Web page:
The founder and president of Huawei has made a rare appearance in front of reporters to defend his company. Ren Zhengfei spoke out against claims made by the US government that it is a national security risk, due to apparent close ties with the Chinese government, and allegations that Huawei equipment could have allowed sensitive details to be passed to Chinese agencies.
"Huawei has no connection to the cyber-security issues the US has encountered in the past, current, and future," said Ren to reporters in New Zealand, according to Reuters
. "Huawei equipment is almost non-existent in networks currently running in the US. We have never sold any key equipment to major US carriers, no have we sold any equipment to any US government agency."
The company has already responded to the allegations a number of times. Its most recent comment
in April claimed the company was "not interested in the US market anymore," in response to a US House Intelligence Committee report.
US Representative Mike Rogers (R-Michigan) previously advised
in October that US companies should "find another vendor if you care about your intellectual property, if you care about your consumers' privacy, and you care about the national security of the United States of America."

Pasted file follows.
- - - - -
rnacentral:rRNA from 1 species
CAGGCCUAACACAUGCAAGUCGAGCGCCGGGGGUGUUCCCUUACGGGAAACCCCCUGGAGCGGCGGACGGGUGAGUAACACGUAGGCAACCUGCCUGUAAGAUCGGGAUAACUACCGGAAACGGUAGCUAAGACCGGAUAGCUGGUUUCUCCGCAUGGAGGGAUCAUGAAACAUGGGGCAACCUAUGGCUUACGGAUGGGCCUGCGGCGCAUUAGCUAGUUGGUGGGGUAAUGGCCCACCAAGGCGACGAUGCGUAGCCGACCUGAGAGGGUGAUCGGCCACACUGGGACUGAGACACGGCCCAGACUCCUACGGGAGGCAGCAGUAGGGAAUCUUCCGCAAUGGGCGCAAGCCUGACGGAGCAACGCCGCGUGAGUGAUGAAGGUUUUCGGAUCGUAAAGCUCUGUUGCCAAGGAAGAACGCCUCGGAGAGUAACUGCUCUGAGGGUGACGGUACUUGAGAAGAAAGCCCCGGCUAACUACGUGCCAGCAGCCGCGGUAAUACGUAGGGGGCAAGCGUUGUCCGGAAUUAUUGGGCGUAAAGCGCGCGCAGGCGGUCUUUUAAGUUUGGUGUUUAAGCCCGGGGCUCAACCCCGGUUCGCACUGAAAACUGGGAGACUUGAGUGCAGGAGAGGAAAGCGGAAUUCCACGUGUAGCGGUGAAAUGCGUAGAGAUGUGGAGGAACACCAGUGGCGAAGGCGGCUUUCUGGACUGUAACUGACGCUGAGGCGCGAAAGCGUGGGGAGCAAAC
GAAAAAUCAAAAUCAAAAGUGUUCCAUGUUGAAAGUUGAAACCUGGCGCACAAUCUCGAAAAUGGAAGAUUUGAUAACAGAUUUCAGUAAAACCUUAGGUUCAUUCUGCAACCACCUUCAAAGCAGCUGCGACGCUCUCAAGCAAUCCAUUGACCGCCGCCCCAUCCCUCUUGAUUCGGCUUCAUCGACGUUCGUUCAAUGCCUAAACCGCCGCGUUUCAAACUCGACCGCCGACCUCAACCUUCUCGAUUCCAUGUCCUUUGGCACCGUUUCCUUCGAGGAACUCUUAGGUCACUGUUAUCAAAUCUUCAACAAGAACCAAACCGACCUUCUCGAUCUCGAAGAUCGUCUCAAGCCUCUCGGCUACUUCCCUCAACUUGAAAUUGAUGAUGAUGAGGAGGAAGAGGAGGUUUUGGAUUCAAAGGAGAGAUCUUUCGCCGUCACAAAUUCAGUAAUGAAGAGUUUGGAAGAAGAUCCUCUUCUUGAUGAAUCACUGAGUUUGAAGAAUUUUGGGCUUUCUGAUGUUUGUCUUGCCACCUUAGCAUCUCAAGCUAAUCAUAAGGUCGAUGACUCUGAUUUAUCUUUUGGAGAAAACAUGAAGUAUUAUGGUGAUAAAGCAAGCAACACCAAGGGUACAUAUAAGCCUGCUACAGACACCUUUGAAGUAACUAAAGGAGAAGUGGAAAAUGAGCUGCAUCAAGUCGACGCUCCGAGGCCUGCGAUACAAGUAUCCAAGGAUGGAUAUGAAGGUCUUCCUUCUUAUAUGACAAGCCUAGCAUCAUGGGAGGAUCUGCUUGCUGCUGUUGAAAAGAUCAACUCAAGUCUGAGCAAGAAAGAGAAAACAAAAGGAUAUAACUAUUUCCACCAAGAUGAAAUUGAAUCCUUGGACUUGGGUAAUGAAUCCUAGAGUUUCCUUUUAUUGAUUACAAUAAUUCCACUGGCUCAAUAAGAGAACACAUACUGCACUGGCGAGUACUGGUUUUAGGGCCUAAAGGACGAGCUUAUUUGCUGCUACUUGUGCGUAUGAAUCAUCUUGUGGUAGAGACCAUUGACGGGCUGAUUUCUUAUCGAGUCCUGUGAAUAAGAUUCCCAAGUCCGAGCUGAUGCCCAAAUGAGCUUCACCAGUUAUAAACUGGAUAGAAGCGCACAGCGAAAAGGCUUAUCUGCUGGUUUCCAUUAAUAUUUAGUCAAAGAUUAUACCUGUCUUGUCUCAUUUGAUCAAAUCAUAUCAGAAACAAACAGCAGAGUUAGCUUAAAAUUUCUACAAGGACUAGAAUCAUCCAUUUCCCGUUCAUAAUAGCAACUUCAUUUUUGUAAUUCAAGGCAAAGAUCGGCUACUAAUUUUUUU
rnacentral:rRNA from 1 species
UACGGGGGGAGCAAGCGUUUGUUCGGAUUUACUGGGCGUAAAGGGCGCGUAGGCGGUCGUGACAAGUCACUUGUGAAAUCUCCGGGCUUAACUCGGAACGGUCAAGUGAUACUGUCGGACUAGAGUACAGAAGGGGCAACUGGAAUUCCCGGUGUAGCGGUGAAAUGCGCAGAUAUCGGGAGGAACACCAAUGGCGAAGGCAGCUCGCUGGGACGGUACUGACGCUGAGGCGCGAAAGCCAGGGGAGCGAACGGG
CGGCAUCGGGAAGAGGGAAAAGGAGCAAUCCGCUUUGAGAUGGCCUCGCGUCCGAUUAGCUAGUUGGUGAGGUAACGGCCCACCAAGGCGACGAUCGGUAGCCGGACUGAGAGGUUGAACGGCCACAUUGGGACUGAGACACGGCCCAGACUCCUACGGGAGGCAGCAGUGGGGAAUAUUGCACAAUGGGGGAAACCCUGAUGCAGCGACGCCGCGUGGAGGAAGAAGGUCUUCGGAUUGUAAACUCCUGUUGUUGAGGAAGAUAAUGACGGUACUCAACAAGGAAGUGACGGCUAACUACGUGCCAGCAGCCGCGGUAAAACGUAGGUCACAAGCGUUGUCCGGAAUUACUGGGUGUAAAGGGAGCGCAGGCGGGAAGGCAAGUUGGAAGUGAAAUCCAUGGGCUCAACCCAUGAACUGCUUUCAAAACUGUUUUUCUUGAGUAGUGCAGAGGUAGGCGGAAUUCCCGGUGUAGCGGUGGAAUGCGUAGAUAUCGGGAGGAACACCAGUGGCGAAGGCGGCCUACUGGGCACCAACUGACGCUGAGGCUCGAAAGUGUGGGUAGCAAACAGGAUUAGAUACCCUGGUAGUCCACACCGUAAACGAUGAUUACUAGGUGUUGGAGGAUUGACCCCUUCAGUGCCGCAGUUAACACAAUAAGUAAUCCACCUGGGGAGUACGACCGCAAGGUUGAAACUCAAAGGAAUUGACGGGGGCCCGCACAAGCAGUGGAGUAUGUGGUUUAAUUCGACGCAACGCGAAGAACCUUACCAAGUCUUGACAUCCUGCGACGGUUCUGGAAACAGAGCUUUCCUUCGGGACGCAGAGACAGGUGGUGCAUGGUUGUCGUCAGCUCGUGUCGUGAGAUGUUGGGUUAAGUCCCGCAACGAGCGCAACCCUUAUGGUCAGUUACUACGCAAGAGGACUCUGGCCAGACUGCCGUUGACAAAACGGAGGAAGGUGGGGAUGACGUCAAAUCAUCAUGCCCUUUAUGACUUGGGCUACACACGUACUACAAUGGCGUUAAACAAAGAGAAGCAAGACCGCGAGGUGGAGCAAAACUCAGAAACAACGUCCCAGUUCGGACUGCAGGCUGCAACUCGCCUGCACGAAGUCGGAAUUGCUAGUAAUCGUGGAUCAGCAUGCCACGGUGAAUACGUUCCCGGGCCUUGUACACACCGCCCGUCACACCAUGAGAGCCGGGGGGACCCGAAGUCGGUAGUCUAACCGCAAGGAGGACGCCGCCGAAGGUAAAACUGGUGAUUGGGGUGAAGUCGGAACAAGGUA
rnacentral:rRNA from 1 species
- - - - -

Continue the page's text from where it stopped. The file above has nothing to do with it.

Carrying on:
The press conference in New Zealand, where the company secured a contract to construct a 4G LTE network, is a rare occasion for Ren. Since Huawei's founding 26 years ago, Ren has stayed away from the press, which in part caused the company to have a reputation of being opaque. The appearance by Ren is an attempt to repair the company's reputation, by seemingly being more transparent, something that Ren claims he already is thanks to articles he wrote appearing on the Huawei website. In January
, the chief financial officer and daughter of Ren, Cathy Meng, held her first press conference for Huawei's financial results for 2012, again as a bid to improve transparency.